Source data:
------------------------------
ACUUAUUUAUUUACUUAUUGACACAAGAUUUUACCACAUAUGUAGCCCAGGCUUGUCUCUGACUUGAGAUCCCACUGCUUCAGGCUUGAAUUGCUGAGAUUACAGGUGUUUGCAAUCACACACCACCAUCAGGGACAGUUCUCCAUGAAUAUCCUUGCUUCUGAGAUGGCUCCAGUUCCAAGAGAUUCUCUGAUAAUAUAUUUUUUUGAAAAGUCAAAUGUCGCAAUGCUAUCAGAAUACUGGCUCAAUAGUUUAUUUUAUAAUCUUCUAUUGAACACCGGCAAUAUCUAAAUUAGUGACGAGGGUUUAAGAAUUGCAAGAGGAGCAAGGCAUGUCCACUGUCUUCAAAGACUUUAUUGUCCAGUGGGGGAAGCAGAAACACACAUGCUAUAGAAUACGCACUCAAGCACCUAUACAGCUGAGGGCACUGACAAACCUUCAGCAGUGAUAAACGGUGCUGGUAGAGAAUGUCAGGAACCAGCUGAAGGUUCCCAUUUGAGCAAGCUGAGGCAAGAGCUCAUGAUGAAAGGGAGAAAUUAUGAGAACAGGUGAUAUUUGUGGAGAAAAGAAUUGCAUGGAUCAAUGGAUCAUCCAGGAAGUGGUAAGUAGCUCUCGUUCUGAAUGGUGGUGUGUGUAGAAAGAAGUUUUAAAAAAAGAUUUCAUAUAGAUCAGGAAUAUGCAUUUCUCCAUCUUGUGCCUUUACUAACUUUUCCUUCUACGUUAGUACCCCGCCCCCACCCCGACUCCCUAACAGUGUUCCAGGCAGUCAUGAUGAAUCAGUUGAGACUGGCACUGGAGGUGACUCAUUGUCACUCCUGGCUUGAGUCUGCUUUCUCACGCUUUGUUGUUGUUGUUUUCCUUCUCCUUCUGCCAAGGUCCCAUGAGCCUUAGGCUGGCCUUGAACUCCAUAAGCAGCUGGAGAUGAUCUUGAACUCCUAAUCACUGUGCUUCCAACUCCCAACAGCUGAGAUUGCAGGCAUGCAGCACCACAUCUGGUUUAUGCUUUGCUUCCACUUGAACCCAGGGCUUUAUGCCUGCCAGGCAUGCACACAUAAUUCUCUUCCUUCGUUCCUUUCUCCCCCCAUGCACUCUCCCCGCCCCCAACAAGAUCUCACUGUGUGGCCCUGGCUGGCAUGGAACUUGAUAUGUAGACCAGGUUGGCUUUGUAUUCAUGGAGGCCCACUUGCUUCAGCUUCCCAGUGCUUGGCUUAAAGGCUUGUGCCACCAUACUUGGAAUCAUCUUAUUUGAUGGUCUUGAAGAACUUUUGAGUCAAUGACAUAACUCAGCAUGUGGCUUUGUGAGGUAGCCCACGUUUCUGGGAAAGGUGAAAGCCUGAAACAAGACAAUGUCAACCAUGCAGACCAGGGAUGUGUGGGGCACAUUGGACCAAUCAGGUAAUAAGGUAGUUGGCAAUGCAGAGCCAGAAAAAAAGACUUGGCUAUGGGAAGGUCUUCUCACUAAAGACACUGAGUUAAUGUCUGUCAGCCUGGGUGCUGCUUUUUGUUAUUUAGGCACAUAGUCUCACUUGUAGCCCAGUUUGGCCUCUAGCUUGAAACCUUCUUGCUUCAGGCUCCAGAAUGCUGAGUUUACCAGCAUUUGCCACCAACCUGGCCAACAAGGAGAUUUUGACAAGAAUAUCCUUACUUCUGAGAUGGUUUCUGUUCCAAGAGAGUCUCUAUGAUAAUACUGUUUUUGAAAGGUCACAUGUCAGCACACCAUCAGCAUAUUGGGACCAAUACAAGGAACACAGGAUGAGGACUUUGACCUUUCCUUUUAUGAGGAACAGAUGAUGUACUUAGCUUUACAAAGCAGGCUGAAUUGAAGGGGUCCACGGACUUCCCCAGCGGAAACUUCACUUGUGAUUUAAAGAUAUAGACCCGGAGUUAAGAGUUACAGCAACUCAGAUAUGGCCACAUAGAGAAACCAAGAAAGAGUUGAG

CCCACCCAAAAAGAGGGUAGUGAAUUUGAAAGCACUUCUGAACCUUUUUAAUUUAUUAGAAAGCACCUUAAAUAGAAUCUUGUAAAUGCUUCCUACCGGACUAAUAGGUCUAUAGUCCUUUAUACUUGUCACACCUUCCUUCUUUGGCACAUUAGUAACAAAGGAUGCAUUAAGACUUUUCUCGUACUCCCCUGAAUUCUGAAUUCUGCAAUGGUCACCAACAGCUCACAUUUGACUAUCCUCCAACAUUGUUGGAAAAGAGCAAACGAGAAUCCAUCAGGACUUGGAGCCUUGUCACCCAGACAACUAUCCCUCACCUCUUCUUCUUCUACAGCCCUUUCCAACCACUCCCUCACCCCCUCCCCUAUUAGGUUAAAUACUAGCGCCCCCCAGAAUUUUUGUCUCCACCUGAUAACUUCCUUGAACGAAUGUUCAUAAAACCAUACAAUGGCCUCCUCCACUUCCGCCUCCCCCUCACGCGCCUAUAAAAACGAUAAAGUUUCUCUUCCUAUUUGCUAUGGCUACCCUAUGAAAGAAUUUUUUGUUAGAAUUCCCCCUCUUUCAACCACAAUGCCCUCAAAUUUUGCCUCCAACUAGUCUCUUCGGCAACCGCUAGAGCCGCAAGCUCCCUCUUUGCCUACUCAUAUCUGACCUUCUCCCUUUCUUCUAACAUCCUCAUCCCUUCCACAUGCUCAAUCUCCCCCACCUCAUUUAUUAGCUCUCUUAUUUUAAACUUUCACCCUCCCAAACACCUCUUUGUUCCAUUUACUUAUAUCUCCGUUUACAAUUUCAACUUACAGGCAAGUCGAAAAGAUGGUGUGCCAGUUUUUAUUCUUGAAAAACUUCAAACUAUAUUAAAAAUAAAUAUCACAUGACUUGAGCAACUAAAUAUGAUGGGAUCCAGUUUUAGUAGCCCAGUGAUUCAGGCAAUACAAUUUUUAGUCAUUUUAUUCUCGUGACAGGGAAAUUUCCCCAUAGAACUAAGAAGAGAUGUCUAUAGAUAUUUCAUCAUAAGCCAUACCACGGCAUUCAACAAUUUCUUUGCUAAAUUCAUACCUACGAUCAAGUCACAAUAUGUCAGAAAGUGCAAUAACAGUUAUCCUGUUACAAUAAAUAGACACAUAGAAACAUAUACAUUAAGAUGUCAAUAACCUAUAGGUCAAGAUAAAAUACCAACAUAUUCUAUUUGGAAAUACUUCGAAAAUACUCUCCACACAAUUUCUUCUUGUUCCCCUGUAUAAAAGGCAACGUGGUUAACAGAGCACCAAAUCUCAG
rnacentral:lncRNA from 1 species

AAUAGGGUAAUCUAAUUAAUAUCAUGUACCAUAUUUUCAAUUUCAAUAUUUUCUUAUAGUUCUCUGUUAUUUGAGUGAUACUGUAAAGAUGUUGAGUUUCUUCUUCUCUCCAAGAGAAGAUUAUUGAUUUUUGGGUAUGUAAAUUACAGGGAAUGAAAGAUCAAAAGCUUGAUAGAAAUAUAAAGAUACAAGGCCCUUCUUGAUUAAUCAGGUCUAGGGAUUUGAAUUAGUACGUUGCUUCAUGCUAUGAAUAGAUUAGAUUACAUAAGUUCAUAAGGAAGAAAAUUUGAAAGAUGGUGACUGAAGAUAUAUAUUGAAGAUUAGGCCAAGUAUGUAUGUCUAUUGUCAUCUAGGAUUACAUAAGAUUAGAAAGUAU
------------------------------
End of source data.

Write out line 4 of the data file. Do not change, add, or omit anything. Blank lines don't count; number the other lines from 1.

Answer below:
AAUAGGGUAAUCUAAUUAAUAUCAUGUACCAUAUUUUCAAUUUCAAUAUUUUCUUAUAGUUCUCUGUUAUUUGAGUGAUACUGUAAAGAUGUUGAGUUUCUUCUUCUCUCCAAGAGAAGAUUAUUGAUUUUUGGGUAUGUAAAUUACAGGGAAUGAAAGAUCAAAAGCUUGAUAGAAAUAUAAAGAUACAAGGCCCUUCUUGAUUAAUCAGGUCUAGGGAUUUGAAUUAGUACGUUGCUUCAUGCUAUGAAUAGAUUAGAUUACAUAAGUUCAUAAGGAAGAAAAUUUGAAAGAUGGUGACUGAAGAUAUAUAUUGAAGAUUAGGCCAAGUAUGUAUGUCUAUUGUCAUCUAGGAUUACAUAAGAUUAGAAAGUAU